You are currently browsing the tag archive for the ‘ben kingsley’ tag.

Tony Stark and Iron Man is back, and after the misstep/retread that was Iron Man 2, in much better form.

I will note now: I will get spoiler-ific, though I’ll keep it separate from the actual review.  There will be a line separating the two sections.  Though, $175 million open weekend?  You should have seen it by now at least.

As for the review?  Well, Tony Stark, facing anxiety from the events in Avengers, is trying harder than before in keeping himself (and others around him, like Pepper Potts) protected.  The Mark 42 suit, for example, is a suit constructed of individual pieces and controlled by small receivers embedded in Stark’s arms.  He runs into trouble though when unexpected demons from his past show up, along with the terrorist known as the Mandarin.

Iron Man 3 is a much better film than the second one was, simply by not rehashing everything from the first film (climactic battle against bigger badder suit? check).  It keeps away from all of the Avengers stuff too, and that I feel is a good thing.  Iron Man 2 suffered a bit as well from trying to connect Iron Man to the whole Avengers universe.  The singular focus helps in a good way.  It’s not as tight as the first film – it feels looser, and some scenes don’t connect well – but it’s still well filmed, especially with the big action pieces that occur (Tony’s mansion, Air Force One, and the harbor sequence at the end).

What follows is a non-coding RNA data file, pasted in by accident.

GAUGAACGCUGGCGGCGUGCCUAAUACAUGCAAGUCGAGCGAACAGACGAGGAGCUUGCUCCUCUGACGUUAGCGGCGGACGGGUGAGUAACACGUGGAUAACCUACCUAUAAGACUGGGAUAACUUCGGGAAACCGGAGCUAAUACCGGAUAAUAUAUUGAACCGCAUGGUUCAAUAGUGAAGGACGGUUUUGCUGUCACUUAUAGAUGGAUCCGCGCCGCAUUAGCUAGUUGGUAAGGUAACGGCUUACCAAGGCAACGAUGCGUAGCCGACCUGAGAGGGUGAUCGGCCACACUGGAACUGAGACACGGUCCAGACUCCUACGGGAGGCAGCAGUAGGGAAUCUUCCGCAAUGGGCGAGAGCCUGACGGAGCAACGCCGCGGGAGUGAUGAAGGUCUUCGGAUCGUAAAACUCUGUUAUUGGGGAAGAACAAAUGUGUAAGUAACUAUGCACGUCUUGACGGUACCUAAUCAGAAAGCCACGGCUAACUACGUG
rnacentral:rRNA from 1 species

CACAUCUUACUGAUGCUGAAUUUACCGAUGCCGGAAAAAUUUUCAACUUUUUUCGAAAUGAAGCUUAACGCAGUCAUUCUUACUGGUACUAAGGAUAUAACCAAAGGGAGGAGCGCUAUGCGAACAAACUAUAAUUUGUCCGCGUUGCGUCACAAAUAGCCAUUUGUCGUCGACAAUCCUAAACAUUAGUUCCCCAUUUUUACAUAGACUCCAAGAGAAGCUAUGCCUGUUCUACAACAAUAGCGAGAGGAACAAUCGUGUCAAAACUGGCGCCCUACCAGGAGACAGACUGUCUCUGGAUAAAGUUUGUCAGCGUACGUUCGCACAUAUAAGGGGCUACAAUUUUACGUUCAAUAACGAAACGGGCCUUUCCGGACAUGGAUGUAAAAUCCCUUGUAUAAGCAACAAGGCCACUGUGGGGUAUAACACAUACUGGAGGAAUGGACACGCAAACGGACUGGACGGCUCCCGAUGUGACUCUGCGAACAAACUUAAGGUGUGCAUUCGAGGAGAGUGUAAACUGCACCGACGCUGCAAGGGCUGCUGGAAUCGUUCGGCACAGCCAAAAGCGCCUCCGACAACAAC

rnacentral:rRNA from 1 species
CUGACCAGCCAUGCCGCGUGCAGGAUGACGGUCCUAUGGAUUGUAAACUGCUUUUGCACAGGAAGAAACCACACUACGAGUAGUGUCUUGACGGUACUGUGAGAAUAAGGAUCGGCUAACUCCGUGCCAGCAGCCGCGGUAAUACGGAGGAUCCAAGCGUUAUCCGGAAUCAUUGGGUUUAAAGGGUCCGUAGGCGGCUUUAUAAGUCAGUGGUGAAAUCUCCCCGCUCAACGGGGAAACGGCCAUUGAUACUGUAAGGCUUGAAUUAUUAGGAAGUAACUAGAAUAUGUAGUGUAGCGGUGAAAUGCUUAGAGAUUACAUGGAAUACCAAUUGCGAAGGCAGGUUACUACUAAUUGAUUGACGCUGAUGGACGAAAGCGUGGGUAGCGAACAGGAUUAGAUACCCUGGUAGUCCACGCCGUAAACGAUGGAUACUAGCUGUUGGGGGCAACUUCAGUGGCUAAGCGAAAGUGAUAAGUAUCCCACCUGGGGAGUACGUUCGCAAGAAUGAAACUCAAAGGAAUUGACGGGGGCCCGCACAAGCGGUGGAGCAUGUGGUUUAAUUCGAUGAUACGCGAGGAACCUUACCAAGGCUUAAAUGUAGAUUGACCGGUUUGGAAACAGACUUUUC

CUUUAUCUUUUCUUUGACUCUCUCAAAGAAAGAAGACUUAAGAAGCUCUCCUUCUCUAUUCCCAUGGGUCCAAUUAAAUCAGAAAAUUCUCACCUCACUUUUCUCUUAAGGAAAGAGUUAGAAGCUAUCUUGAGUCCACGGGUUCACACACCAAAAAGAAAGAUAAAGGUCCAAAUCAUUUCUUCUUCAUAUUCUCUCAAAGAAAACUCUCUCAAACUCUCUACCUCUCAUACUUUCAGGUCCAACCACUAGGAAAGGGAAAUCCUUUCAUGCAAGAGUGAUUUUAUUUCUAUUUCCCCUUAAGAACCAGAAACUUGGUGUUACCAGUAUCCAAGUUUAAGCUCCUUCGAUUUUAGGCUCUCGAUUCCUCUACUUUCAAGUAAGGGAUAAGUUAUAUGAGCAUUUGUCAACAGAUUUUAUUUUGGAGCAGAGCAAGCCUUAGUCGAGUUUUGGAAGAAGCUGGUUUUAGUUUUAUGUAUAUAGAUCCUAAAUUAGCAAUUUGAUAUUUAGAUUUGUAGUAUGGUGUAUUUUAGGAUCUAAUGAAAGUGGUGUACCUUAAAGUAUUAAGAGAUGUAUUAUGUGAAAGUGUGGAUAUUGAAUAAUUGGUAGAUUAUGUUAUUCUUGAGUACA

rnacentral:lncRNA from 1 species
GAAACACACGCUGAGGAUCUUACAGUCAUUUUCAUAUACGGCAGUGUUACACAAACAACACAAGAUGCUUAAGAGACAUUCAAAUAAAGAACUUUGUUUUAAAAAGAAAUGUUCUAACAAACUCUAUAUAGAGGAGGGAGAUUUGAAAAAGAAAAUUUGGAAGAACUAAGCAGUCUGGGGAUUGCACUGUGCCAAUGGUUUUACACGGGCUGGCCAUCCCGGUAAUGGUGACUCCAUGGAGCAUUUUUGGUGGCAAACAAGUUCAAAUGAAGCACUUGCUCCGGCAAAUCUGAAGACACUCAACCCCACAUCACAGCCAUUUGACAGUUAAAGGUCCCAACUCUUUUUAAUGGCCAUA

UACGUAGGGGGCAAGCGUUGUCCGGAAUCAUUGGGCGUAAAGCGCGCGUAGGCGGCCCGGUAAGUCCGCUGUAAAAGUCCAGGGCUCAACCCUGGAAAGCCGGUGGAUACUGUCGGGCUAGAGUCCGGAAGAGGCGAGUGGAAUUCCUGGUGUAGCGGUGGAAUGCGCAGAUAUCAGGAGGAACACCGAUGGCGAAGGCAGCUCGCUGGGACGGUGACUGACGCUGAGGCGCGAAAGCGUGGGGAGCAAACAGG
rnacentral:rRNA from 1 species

Everyone that returns from the previous film is good. Downey Jr is impeccable as Tony Stark, as always.  Gwyneth Paltrow is great and is given a lot more to do, which is awesome (though being the damsel-in-distress for a moment again is wearing thin).  Don Cheadle is back as Col. Rhodes/War Machine (or, jokingly, the Iron Patriot) and has some good scenes as well.  The several new cast additions were all good as well, to a varying degree: Guy Pierce is good as Aldrich Killian, the founder of AIM and the creator of the Extremis virus, which acts as one of the plot catalysts; Rebecca Hall plays Dr Maya Hansen well, though I was confused at times with her motivations; and Ben Kingsley is the Mandarin, and part of the spoiler discussion coming.

All in all, this is a good, solid film.  Better than the second film, and a natural progression for Tony Stark/Iron Man to take.

There are two bits of spoiler stuff I want to discuss, both good: the post-credits sequence and the Mandarin.

The post-credits sequence, with Bruce Banner as a “psychologist” to Tony Stark, is pretty funny and works well. The one thing I was particularly glad to see what that they didn’t advance any sort of Avengers plot. What I’m guessing is that the Avengers stuff will be limited to post Thor (given how galactic that one will be), if they do that, and Guardians of the Galaxy. The latter seems the more natural fit, since that film will transition into Avengers 2, if they’re going to do the Thanos route with it.